South Korean news agencies are reporting that electronics giant Samsung experienced a toxic gas leak at a manufacturing facility in Hwaseong. Yet another dent in Samsung's increasingly blighted safety record, the resulting gaseous hydrofluoric acid leak injured at least three employees. The severity of those injuries is unknown.

Of its many industrial uses, hydrofluoric acid is used to etch chip wafers and glass. It's also commonly utilized in the removal of oxidization (rust) and other contaminants from materials like steel. Although considered a relatively weak acid, the chemical is highly toxic (pdf) and even low exposures are capable of inducing permanent impairment or death.

Several months ago -- at the same Hwaseong plant -- a similar incident involving the same gas injured four workers, but also led to the death of one crew member. Reportedly, workers attempted to contain the gas leak with a plastic bag while it took Samsung nearly 14 hours to report the incident. Investigators believe that Samsung had aimed to cover up the event, but the worker's demise prompted plant officials to report the incident to authorities within one hour after his death.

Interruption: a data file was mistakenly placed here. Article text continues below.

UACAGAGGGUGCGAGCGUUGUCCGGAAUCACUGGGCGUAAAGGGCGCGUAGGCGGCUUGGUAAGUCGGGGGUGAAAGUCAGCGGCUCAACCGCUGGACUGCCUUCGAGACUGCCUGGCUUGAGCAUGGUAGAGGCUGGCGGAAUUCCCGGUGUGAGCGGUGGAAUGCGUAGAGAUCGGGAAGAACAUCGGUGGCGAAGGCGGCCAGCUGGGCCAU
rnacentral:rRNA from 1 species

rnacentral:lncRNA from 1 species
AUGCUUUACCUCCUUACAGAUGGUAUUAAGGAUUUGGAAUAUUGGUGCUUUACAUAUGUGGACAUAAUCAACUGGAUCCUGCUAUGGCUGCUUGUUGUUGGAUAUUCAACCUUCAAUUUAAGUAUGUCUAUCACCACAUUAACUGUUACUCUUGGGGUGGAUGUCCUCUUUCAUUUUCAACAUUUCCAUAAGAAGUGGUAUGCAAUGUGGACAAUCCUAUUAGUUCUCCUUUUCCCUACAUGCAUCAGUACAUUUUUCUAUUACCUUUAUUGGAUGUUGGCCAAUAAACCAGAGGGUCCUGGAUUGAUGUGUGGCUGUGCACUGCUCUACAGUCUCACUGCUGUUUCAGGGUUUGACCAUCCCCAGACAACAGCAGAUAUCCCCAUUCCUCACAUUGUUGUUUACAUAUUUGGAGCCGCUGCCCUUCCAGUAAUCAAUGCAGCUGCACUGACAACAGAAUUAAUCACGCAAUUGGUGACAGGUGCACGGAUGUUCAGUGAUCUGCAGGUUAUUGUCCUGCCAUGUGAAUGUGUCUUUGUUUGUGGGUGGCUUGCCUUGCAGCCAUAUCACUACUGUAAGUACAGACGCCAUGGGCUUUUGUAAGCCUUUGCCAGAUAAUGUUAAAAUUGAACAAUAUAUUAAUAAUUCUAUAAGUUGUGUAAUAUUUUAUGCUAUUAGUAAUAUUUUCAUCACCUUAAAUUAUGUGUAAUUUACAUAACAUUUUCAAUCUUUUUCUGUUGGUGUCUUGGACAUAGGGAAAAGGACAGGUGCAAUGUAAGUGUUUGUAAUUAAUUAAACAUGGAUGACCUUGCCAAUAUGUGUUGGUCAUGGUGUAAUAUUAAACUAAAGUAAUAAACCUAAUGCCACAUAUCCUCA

Earlier this year, Samsung promised to "overhaul" its system as a measure intended to prevent future gas leaks. The company claimed today's mishap wasn't a systems failure though, but the result of work being performed on its gas conduits. Only a "small amount" of gas leaked, Samsung suggested.

Interestingly, gadget-maker Samsung is still being investigated over its previous incident, making this dangerous ocurrence of deja vu even more of an embarrassment to the company. At least seven employees, three of which were officials, were charged for negligence leading to the previous event. Circumstances leading up to the latest incident are still being investigated.